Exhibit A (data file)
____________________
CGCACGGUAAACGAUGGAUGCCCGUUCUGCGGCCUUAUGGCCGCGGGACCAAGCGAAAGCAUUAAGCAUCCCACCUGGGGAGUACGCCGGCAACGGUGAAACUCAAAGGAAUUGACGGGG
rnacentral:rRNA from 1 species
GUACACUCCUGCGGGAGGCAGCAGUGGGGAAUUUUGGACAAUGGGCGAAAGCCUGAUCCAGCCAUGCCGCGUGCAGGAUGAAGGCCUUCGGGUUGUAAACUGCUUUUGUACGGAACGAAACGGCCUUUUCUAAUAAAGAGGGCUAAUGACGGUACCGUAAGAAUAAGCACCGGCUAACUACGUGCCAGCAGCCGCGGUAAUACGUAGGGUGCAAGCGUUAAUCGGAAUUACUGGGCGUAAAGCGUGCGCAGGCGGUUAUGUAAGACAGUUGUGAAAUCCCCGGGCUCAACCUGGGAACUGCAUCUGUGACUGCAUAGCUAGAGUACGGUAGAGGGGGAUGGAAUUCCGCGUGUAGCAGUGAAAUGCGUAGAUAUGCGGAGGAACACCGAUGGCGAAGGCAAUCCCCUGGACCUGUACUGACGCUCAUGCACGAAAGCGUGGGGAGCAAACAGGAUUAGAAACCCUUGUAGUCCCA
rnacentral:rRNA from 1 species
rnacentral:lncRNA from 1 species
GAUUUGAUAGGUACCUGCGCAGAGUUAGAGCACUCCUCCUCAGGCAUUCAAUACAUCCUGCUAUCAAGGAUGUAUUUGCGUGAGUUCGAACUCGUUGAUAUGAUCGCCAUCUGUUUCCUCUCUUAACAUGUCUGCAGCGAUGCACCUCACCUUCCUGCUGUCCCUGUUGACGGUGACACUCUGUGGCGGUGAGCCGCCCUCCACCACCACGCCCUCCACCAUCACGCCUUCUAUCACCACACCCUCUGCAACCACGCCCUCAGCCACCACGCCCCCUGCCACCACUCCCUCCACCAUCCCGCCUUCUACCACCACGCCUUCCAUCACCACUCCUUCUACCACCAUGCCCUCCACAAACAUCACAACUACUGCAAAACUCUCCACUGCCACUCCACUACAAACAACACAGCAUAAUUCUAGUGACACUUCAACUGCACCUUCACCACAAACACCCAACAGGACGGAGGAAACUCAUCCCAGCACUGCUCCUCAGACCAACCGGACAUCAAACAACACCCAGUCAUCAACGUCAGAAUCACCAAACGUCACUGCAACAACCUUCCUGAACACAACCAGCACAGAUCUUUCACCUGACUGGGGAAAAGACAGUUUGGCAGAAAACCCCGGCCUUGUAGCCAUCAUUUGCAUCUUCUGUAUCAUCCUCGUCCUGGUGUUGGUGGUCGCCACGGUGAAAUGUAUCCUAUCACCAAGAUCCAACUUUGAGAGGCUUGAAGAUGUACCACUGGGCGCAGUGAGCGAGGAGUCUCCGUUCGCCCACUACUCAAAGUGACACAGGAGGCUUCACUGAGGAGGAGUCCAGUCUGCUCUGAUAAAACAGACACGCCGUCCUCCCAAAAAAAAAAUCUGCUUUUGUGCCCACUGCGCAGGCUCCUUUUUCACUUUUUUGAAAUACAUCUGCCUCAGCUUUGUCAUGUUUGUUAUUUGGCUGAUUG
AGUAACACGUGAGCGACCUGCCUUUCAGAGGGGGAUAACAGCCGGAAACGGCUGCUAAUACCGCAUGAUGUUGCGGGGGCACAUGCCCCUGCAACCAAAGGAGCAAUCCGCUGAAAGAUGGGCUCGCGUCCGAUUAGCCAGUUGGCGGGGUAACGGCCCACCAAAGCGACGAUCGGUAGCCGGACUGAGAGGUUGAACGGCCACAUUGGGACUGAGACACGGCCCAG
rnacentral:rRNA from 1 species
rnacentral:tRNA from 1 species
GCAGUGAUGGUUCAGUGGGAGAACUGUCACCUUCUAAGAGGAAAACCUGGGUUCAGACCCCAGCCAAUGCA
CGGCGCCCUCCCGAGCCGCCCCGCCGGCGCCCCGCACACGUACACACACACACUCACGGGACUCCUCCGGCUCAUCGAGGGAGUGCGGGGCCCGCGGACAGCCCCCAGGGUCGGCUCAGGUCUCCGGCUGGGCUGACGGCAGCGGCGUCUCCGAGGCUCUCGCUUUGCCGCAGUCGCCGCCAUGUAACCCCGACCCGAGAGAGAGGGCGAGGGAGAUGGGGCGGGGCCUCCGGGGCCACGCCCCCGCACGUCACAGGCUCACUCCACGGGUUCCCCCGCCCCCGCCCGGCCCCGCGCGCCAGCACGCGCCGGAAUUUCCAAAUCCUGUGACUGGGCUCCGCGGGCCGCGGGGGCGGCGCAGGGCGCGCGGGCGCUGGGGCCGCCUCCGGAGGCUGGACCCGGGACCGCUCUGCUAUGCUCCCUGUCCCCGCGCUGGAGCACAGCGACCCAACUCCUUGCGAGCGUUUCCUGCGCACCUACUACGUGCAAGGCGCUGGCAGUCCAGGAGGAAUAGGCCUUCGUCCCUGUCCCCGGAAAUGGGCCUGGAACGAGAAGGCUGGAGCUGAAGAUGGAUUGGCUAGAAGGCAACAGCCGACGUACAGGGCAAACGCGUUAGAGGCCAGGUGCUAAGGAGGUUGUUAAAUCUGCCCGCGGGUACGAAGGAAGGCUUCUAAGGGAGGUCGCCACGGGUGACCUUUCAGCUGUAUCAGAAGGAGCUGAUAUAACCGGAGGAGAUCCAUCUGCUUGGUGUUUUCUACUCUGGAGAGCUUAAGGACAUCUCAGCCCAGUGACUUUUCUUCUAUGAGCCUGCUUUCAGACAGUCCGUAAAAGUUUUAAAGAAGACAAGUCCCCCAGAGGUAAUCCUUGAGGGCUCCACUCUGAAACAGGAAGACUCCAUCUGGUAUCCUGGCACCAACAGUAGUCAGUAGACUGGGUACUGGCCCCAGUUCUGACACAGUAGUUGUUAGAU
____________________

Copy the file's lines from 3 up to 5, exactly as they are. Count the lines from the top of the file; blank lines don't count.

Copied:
GUACACUCCUGCGGGAGGCAGCAGUGGGGAAUUUUGGACAAUGGGCGAAAGCCUGAUCCAGCCAUGCCGCGUGCAGGAUGAAGGCCUUCGGGUUGUAAACUGCUUUUGUACGGAACGAAACGGCCUUUUCUAAUAAAGAGGGCUAAUGACGGUACCGUAAGAAUAAGCACCGGCUAACUACGUGCCAGCAGCCGCGGUAAUACGUAGGGUGCAAGCGUUAAUCGGAAUUACUGGGCGUAAAGCGUGCGCAGGCGGUUAUGUAAGACAGUUGUGAAAUCCCCGGGCUCAACCUGGGAACUGCAUCUGUGACUGCAUAGCUAGAGUACGGUAGAGGGGGAUGGAAUUCCGCGUGUAGCAGUGAAAUGCGUAGAUAUGCGGAGGAACACCGAUGGCGAAGGCAAUCCCCUGGACCUGUACUGACGCUCAUGCACGAAAGCGUGGGGAGCAAACAGGAUUAGAAACCCUUGUAGUCCCA
rnacentral:rRNA from 1 species
rnacentral:lncRNA from 1 species